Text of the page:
Theoretical value of pre-trade testing for Salmonella
The Swedish Salmonella control programme includes mandatory action if Salmonella is detected in a herd. The aim of this study was to assess the relative value of different strategies for pre-movement testing of cattle.
Three fictitious herds were included: dairy, beef and specialised calf-fattening. The yearly risks of introducing Salmonella with and without individual serological or bulk milk testing were assessed as well as the effects of sourcing animals from low-prevalence areas or reducing the number of source herds.
The initial risk was highest for the calf-fattening herd and lowest for the beef herd. For the beef and dairy herds, the yearly risk of Salmonella introduction was reduced by about 75% with individual testing. Sourcing animals from low-prevalence areas reduced the risk by >99%. For the calf-fattening herd, the yearly risk was reduced by almost 50% by individual testing or sourcing animals from a maximum of five herds.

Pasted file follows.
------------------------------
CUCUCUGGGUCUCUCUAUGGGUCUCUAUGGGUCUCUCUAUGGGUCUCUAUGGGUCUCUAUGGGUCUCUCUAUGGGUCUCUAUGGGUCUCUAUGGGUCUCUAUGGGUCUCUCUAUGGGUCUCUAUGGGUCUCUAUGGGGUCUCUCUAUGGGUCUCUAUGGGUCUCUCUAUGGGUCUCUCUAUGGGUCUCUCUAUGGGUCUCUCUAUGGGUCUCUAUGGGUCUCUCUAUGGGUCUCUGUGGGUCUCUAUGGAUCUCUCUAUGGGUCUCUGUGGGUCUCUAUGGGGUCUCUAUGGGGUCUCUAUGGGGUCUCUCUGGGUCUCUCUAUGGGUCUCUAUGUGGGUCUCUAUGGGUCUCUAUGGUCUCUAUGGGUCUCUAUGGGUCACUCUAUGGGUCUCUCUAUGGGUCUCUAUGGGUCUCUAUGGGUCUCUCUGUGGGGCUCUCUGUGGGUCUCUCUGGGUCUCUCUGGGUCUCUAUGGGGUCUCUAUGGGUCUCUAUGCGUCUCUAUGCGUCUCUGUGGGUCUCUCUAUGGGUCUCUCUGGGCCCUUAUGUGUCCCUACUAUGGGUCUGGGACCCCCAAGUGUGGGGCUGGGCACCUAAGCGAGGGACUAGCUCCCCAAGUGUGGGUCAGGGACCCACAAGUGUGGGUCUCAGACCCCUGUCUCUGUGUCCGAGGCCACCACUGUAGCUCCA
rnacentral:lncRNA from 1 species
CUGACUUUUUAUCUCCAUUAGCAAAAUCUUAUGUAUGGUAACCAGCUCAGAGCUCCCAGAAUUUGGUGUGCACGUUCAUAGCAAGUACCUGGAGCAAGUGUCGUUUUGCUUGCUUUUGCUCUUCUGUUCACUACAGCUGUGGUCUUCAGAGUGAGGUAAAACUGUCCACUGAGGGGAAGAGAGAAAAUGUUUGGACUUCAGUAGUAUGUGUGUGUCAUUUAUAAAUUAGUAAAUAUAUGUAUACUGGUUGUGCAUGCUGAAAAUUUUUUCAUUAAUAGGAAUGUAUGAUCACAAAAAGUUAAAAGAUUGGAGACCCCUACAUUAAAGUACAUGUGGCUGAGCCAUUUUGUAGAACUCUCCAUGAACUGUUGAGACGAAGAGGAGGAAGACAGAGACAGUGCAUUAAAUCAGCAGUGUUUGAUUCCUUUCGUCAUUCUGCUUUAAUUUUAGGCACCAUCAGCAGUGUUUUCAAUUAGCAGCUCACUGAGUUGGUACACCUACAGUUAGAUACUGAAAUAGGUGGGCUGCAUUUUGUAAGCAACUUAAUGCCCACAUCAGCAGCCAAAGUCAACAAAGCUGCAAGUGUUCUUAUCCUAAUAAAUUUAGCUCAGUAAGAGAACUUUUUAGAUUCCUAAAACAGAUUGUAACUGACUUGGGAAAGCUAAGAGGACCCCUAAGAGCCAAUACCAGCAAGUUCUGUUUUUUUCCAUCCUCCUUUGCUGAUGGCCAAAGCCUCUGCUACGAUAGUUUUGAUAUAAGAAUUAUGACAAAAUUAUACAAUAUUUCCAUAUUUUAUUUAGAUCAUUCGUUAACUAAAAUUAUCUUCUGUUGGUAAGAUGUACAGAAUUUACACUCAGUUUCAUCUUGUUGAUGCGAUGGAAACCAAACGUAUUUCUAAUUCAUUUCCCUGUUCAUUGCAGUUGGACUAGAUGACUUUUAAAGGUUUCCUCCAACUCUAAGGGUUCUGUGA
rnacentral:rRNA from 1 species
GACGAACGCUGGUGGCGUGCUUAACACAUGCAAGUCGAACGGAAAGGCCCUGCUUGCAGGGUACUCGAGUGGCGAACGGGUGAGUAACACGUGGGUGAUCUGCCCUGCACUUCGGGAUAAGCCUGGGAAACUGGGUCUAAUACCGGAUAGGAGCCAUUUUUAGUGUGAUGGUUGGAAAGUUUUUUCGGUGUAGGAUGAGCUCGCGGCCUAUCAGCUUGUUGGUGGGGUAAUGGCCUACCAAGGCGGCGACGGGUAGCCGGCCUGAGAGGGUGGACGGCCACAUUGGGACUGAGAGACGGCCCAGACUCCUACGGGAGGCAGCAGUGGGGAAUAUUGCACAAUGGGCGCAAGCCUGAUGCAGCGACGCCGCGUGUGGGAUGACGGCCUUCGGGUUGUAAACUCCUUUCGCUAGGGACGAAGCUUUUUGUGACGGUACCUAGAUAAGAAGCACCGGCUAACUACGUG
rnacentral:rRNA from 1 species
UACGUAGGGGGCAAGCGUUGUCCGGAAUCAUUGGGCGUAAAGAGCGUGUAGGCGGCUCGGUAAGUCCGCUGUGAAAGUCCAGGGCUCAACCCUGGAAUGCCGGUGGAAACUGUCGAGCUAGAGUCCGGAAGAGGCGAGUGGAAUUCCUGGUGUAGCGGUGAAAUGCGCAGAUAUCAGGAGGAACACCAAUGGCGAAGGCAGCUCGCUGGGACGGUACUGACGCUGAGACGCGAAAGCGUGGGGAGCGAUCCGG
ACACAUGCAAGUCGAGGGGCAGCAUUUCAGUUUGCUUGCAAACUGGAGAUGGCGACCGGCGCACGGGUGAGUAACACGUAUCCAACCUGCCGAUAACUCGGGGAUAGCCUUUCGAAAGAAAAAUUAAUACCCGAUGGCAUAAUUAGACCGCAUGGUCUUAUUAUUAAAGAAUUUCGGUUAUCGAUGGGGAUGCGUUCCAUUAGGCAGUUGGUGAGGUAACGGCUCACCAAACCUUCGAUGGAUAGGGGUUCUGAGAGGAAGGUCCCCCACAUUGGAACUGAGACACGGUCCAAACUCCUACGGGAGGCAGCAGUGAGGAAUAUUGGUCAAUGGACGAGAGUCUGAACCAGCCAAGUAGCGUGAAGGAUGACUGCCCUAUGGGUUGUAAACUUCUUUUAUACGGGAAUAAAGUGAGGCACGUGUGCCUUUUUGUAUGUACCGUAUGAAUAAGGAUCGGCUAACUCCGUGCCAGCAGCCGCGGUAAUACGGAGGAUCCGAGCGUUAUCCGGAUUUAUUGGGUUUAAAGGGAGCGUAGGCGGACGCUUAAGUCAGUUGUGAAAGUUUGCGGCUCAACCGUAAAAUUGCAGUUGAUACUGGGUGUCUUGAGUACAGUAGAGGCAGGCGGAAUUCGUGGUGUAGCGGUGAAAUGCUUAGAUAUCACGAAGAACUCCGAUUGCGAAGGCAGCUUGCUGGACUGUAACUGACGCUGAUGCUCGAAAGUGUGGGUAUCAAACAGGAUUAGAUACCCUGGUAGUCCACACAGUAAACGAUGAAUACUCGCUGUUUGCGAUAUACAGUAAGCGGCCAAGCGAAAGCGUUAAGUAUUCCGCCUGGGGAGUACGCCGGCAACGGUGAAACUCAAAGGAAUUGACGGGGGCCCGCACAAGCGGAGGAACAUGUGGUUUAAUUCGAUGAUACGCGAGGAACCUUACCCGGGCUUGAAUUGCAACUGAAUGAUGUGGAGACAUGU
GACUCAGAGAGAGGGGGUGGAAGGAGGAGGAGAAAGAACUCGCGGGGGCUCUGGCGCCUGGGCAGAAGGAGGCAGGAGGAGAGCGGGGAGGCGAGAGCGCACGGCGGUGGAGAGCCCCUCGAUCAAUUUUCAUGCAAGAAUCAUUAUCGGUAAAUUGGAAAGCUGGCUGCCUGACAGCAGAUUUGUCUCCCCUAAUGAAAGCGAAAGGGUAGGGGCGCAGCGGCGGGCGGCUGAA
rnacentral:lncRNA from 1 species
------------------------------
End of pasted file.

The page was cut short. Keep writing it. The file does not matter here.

The method was useful for illustrating effects of risk mitigation when introducing animals into a herd. Sourcing animals from low-risk areas (or herds) is more effective than single testing of individual animals or bulk milk. A comprehensive approach to reduce the risk of introducing Salmonella from source herds is justified.
Link to the publication
Sternberg Lewerin, S., 2017. Theoretical value of pre-trade testing for Salmonella in Swedish cattle herds. Food Microbiology. Volume 71, May 2018, Pages 68-72